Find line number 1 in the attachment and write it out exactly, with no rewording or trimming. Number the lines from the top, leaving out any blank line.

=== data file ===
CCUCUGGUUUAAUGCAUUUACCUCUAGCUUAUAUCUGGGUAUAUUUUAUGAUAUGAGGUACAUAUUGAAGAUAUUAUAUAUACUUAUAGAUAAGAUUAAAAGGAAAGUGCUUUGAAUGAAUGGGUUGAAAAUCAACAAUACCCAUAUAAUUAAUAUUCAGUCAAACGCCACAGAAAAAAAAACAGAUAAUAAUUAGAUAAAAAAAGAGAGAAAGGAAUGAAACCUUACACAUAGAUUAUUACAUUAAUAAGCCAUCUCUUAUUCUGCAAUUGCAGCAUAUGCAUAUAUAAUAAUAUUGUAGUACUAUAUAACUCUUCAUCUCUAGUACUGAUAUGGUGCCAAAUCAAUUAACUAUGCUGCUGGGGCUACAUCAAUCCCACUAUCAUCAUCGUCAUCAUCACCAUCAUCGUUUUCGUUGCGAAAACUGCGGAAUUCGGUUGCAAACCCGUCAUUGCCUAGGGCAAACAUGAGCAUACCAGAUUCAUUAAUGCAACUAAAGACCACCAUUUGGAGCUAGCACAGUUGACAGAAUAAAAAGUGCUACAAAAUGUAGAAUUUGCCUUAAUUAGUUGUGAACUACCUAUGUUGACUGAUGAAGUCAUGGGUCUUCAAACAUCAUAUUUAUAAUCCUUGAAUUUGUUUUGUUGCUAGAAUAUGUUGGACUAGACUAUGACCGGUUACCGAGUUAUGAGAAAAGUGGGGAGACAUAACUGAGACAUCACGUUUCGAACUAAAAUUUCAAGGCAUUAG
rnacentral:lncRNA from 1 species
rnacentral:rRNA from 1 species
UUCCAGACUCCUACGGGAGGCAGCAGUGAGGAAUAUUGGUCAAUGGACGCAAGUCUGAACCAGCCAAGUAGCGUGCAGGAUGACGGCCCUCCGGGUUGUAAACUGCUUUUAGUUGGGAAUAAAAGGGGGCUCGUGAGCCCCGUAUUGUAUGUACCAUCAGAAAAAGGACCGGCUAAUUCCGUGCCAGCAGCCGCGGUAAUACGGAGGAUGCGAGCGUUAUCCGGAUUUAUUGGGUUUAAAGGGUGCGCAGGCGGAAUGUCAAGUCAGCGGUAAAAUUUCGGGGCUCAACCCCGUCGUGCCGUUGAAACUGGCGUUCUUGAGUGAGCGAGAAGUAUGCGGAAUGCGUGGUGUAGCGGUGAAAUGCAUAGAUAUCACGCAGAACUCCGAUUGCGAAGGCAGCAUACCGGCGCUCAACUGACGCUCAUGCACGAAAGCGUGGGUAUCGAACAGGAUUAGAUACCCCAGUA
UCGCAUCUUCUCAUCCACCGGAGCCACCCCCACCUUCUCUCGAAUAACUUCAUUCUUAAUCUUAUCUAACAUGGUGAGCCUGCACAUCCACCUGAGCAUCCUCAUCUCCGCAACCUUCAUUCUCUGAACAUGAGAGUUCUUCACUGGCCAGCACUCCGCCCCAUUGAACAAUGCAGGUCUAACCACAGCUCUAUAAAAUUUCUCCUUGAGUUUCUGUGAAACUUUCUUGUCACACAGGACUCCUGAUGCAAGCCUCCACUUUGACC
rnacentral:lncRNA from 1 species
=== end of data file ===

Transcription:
CCUCUGGUUUAAUGCAUUUACCUCUAGCUUAUAUCUGGGUAUAUUUUAUGAUAUGAGGUACAUAUUGAAGAUAUUAUAUAUACUUAUAGAUAAGAUUAAAAGGAAAGUGCUUUGAAUGAAUGGGUUGAAAAUCAACAAUACCCAUAUAAUUAAUAUUCAGUCAAACGCCACAGAAAAAAAAACAGAUAAUAAUUAGAUAAAAAAAGAGAGAAAGGAAUGAAACCUUACACAUAGAUUAUUACAUUAAUAAGCCAUCUCUUAUUCUGCAAUUGCAGCAUAUGCAUAUAUAAUAAUAUUGUAGUACUAUAUAACUCUUCAUCUCUAGUACUGAUAUGGUGCCAAAUCAAUUAACUAUGCUGCUGGGGCUACAUCAAUCCCACUAUCAUCAUCGUCAUCAUCACCAUCAUCGUUUUCGUUGCGAAAACUGCGGAAUUCGGUUGCAAACCCGUCAUUGCCUAGGGCAAACAUGAGCAUACCAGAUUCAUUAAUGCAACUAAAGACCACCAUUUGGAGCUAGCACAGUUGACAGAAUAAAAAGUGCUACAAAAUGUAGAAUUUGCCUUAAUUAGUUGUGAACUACCUAUGUUGACUGAUGAAGUCAUGGGUCUUCAAACAUCAUAUUUAUAAUCCUUGAAUUUGUUUUGUUGCUAGAAUAUGUUGGACUAGACUAUGACCGGUUACCGAGUUAUGAGAAAAGUGGGGAGACAUAACUGAGACAUCACGUUUCGAACUAAAAUUUCAAGGCAUUAG